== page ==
I happened upon this article the other day, about a woman who feels blind rage when she hears her boyfriend chewing. OK, so I don't exactly respond with rage but I do have to remove myself from the kitchen when the Ball & Chain consumes his Grape-nuts every morning. Mind you, when he chomps on an apple right behind me I confess I get a little hot under the collar.
Don't come near me till you've finished that!
My children (and their friends, if necessary) are constantly told to close their mouths when eating, not only because it's bad manners, but because the sound of slurping and chewing makes me feel physically sick. And god forbid anyone should screech a knife across a plate. (Why does that make your teeth go funny, by the way?)
Growing up, most meals were accompanied by music from the radio (or the wireless, as it was sometimes called). I have vivid memories of us all gathered round the table for Sunday dinner with Jimmy Savile's 'Old Record Club' in the background. Anything rather than listening to mouth sounds.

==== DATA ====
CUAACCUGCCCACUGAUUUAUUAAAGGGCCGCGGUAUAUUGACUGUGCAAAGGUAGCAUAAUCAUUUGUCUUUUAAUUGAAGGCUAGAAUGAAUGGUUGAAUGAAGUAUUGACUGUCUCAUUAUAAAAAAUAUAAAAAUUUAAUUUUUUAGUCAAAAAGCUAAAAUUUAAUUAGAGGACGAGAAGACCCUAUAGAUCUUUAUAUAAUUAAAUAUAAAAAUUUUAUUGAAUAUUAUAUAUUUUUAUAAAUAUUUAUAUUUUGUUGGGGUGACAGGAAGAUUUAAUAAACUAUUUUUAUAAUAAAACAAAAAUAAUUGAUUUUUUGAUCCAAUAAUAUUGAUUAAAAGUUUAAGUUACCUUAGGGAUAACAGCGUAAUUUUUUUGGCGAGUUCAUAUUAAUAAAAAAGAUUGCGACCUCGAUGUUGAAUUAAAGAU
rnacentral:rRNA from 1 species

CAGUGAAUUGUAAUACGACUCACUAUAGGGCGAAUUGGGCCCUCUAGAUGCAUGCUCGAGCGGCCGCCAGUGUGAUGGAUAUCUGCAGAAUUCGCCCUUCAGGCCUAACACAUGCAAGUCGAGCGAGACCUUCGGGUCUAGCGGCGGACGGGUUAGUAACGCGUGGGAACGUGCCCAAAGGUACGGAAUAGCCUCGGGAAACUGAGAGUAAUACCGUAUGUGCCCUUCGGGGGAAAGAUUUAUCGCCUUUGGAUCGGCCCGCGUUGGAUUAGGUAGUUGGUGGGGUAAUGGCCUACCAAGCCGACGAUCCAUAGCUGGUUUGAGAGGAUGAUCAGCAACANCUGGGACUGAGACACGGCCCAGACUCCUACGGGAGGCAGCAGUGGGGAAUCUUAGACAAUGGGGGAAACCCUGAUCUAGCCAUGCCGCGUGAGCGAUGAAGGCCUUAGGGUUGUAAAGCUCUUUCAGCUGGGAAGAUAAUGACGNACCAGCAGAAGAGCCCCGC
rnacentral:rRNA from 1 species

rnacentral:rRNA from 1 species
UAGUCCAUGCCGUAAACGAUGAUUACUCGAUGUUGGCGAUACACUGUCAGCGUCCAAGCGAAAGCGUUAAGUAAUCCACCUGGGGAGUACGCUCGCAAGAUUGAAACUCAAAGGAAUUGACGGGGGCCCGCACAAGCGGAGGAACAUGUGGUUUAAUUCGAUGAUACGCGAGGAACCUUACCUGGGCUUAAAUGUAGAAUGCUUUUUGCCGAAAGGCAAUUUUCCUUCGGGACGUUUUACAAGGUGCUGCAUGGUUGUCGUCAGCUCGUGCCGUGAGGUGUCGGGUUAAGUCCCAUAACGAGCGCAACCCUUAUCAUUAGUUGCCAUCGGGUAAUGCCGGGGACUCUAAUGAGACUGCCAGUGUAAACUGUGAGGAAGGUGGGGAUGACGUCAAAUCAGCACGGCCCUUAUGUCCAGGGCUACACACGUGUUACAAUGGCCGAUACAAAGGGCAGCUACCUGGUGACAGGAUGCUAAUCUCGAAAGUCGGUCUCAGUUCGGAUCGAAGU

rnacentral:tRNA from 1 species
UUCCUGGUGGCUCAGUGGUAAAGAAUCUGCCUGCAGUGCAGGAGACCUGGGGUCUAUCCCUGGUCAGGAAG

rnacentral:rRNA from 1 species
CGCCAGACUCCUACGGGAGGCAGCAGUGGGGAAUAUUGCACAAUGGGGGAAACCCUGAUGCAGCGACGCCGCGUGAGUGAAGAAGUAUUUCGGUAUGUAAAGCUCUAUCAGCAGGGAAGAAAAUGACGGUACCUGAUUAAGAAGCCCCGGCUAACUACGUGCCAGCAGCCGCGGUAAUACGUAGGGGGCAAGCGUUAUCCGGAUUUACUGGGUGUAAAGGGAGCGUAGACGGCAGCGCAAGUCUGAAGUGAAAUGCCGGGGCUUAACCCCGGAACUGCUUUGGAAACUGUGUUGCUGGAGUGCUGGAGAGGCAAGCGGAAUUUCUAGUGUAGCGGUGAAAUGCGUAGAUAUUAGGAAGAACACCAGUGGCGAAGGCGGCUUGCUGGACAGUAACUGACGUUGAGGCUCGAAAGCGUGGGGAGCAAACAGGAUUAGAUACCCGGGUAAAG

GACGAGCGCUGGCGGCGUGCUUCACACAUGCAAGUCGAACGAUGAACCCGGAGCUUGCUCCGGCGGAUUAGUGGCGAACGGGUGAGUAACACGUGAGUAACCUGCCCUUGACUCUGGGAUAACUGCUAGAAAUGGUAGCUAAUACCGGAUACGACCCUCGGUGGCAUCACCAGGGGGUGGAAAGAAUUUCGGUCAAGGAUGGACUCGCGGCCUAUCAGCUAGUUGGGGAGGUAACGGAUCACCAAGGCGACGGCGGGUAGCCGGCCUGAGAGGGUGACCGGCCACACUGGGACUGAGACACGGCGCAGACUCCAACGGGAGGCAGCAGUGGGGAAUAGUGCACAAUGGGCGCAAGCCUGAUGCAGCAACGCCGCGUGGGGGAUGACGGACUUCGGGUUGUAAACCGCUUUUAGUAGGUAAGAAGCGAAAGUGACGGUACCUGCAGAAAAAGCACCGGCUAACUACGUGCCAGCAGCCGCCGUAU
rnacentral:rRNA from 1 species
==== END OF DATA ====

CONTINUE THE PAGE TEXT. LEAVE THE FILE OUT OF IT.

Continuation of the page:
Sitting in silence isn't actually silence when you have a table full of Misophonics - 'cause apparently that's what we are. Oh yes, We have a name as well as symptoms and no known cure. Look -
Misophonia literally means the hatred of sound.
It is caused by a physical malfunction of the central nervous system or the brain and is an abnormal response to sound.
Most sufferer's find their condition is only triggered by certain sounds.
These can cause strong emotional or physical responses such as rage, crying, screaming or nausea.
The most common triggers are chewing, breathing, throat clearing and sniffing.
There are no cures but some patients find relief through treatments such as hypnosis, cognitive behavioural therapy or meditation.
Source: Misophonia Association
And we even have an organization and a web site - Misophonia UK; "Taking Sound Sensitivity Seriously". Who knew?
So - at least now I know I'm not crazy.